3 Four eyes & experience only Pass partner selection to cross function executive teams, with competence to judge entrepreneurs
4 Management competence over brand love Distributors may be the biggest fan of your brand, but make 'growing brands successfully' your no. 1 selection criteria
5 Don't trust fancy Powerpoint visions Question dynamic Powerpoint growth promises. Insist on joint business plans to understand realistic growth perspectives
6 Plan for twice the need Establish the principle of 200% expansion plans. Only this allows you to turn down poor locations and stay calm if the new location pipeline dries out.
7 Align agendas Your partners top strategic priority is growing sales or filling shopping centres. Your goal is growing a brand, so balance strategic conflicts
8 Trust comes with transparency Share store P&Ls, retail KPIs & benchmarks. Agree on open books from the beginning
9 Senior expertise only Recruit executives for partner management, it is a big strategic task to manage distributors
10 Invest in the marriage It is easy to look for new partners, but better to invest 50% of resources in growing existing partnerships, in quality and L4L
If the majority of time goes into finding new partners instead of growing existing partnerships, how can we expect to cultivate a mutually rewarding partnership? Annual arguments about on time delivery, late payments or larger discounts often are the only communication between a brand & its key distributors. When your marriage is reduced to money issues and late-for-dinner discussions, you won’t grow your partnership. Managing partnerships is no different from maintaining a marriage: without investments in wellbeing, quality of life suffers for both you and your partner.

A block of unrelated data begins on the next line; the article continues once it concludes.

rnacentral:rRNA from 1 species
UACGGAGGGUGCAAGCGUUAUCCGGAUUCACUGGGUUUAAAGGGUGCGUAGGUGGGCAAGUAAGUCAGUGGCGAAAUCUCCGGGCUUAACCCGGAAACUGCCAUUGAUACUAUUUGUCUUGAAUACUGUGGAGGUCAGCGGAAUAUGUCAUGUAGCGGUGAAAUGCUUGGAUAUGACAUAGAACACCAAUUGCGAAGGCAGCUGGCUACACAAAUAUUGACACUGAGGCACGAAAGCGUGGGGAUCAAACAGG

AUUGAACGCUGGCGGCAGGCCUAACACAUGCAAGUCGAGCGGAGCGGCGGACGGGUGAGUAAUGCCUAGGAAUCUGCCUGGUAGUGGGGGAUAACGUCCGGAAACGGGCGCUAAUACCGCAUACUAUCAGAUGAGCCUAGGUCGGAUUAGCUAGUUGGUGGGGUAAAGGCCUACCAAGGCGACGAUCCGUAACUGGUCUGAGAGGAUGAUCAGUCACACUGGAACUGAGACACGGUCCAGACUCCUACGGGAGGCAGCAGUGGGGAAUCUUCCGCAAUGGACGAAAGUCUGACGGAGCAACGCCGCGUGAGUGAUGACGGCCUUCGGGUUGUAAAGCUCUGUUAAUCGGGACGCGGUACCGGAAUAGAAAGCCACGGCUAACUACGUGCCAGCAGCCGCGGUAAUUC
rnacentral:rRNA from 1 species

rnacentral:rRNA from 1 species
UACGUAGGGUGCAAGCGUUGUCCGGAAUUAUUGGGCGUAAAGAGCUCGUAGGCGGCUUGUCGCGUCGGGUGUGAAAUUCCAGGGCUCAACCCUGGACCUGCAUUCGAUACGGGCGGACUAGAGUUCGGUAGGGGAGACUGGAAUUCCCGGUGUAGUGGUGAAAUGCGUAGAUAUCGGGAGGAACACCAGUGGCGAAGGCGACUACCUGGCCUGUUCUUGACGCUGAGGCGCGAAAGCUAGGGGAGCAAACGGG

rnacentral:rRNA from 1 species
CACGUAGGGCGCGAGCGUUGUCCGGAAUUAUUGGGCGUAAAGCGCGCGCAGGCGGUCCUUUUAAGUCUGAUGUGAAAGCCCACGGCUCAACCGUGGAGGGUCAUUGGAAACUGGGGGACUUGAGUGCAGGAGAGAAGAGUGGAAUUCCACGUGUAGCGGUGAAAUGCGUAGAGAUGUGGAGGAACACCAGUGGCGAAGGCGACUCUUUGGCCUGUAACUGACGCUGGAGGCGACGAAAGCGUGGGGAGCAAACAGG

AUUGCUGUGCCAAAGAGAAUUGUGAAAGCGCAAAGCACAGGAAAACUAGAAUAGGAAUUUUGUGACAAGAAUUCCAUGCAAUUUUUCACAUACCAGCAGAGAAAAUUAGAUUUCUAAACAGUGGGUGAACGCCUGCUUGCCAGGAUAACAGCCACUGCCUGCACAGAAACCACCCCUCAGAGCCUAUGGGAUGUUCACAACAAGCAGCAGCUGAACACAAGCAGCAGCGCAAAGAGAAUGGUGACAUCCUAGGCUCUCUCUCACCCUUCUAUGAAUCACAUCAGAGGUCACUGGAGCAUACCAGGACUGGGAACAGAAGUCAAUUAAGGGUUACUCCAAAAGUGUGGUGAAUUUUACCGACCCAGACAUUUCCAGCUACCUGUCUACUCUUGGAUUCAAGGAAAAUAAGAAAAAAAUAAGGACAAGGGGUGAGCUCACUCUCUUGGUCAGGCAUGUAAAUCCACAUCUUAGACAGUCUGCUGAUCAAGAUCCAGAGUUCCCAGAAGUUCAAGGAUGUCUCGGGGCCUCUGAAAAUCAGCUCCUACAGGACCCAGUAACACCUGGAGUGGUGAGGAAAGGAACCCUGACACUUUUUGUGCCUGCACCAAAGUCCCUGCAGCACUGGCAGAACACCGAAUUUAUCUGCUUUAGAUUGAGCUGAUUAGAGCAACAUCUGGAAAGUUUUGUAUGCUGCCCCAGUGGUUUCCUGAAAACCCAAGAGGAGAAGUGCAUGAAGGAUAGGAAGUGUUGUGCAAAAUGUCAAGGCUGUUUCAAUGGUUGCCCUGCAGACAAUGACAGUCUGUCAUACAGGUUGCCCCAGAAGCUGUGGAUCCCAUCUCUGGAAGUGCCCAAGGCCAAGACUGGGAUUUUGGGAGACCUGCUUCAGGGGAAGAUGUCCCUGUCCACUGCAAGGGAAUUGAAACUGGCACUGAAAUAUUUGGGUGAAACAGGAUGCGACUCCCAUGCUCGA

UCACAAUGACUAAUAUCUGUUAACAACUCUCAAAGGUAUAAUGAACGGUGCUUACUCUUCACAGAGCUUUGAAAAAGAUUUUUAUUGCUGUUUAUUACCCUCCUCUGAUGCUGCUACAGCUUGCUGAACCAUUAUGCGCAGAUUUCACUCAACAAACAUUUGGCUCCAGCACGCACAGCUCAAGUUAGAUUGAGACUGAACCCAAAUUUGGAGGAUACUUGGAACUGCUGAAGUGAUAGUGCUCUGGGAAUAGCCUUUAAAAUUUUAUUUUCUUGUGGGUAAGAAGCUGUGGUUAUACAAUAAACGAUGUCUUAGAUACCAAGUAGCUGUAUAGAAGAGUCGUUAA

What Next? Energise Partner Distribution!
Are you creating greatly improved results for you and your partners this year? Whether you look at your partner distribution in Russia or your partner store in Milan, if it doesn’t work for you or your partner, you need to influence the development by working on your partner management.
If You Are a CEO or CSO, Don’t Blame Your Partner or Partner Managers!
Partner growth is a top-level strategic task. ‘Managing’ partners that operate outside your direct reporting lines calls for executive leadership. Don’t leave partner management to small teams and small budgets.
If You Are a Partner Manager, Don’t Blame Your CEO, or a Country Manager!
Raise your brand’s awareness on their development potential and benchmark partnership program. A current and low-key approach holds huge potential for you and your brand – sell the opportunities to the board, leave the state of ‘partner administration’ alone for ‘excellence in partnership management’.
This is a variation of an earlier post published in retail-intrapreneur
About the Author:
Whether assisting a US brand group in developing its European partner distribution strategy, or designing and building a partner organisation for a global toy brand, Guido is a fan of managing qualitative growth. As a retail and finance professional originally, he strongly believes partner distribution is the most challenging, but also the most rewarding brand growth strategy. If you want to benefit from Guido’s experience, get personal advice or just exchange some thoughts, feel free to reach him by email or see more from him here.